Thursday

25th Aug 2016

German neo-Nazi trial to start

  • Protesters in Munich showing solidarity with the ten victims of the Neonazi cell (Photo: Die Linke)

A landmark trial against the only survivor of a neo-Nazi cell which killed 10 people and went undetected for years is starting in Munich on Monday (6 May).

Thirty-eight year old Beate Zschaepe is accused of being complicit in racially-motivated murders. Eight people of Turkish origin, one Greek and one policewoman were killed by the so-called National Socialist Underground (NSU) between 2000 and 2007.

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If convicted, Zschaepe could be imprisoned for life. Her lawyers deny the murder charges, and she herself has kept silent.

Zschaepe is also accused of participating in 15 armed robberies, arson and attempted murder in two bomb attacks.

The NSU cell - consisting of Zschaepe and two men who shot themselves after a failed bank robbery two years ago - went undetected for years by the police and intelligence services. It is considered Germany's biggest failure to deal with right-wing extremism since the end of the Second World War.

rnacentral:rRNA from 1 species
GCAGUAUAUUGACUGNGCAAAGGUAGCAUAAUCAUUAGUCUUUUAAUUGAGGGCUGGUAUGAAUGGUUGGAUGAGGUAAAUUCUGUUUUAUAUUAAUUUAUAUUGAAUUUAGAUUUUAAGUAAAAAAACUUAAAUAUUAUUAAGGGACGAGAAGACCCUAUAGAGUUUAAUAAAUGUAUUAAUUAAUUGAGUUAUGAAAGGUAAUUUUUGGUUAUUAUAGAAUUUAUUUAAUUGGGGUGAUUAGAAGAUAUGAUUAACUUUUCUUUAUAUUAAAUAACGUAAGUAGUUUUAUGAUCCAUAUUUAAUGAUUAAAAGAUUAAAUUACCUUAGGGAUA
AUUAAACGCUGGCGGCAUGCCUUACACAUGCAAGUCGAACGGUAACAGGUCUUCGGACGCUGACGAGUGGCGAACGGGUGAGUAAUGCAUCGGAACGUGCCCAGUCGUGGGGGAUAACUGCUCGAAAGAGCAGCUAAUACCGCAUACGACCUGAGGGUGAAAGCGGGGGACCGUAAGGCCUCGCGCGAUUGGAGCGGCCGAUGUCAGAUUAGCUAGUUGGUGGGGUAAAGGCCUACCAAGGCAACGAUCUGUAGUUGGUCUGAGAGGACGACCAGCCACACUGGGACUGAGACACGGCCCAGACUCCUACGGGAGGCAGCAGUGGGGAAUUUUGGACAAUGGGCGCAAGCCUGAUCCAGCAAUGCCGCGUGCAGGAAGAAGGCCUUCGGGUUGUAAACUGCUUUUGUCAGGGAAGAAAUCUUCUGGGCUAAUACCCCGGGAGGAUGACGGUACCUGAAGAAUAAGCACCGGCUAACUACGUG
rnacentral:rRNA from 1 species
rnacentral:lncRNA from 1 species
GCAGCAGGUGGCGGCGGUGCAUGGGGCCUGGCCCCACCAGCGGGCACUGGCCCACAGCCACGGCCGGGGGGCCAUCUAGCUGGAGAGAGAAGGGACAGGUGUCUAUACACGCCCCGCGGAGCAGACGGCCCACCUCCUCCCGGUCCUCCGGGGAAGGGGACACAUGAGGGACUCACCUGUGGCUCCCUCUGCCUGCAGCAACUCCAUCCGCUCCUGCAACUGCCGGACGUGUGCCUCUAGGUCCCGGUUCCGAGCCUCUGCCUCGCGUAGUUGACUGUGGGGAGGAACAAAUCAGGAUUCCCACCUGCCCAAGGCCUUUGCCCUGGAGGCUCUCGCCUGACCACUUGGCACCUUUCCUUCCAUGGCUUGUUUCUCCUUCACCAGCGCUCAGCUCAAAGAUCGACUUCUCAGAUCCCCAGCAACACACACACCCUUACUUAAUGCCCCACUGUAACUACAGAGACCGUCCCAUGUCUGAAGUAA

Uwe Mundlos, who was 38 at the time of his death and Uwe Boenhardt, 34, had been under surveillance by intelligence services for links with the neo-Nazi scene, but none of the police investigations into the nine immigrant murders and the police killing were traced to them.

The trial itself - which should have started last month - was delayed when a Turkish newspaper challenged the Munich court at the constitutional court for having granted access only to German media to cover the event.

A new selection procedure was subsequently started, which included Turkish and Greek media.

But the court got into trouble again for not having checked the background of Al Jazeera Istanbul, which won one spot allotted to Turkish media without actually broadcasting in Turkish.

A live video feed from the court was excluded as an option to allow more media to follow the trial.

The trial is expected to last 80 days, as there are also 77 parallel complaints, including on the role of intelligence officers who knew about Mundlos and Boenhardt and allegedly instigated them to commit the murders.

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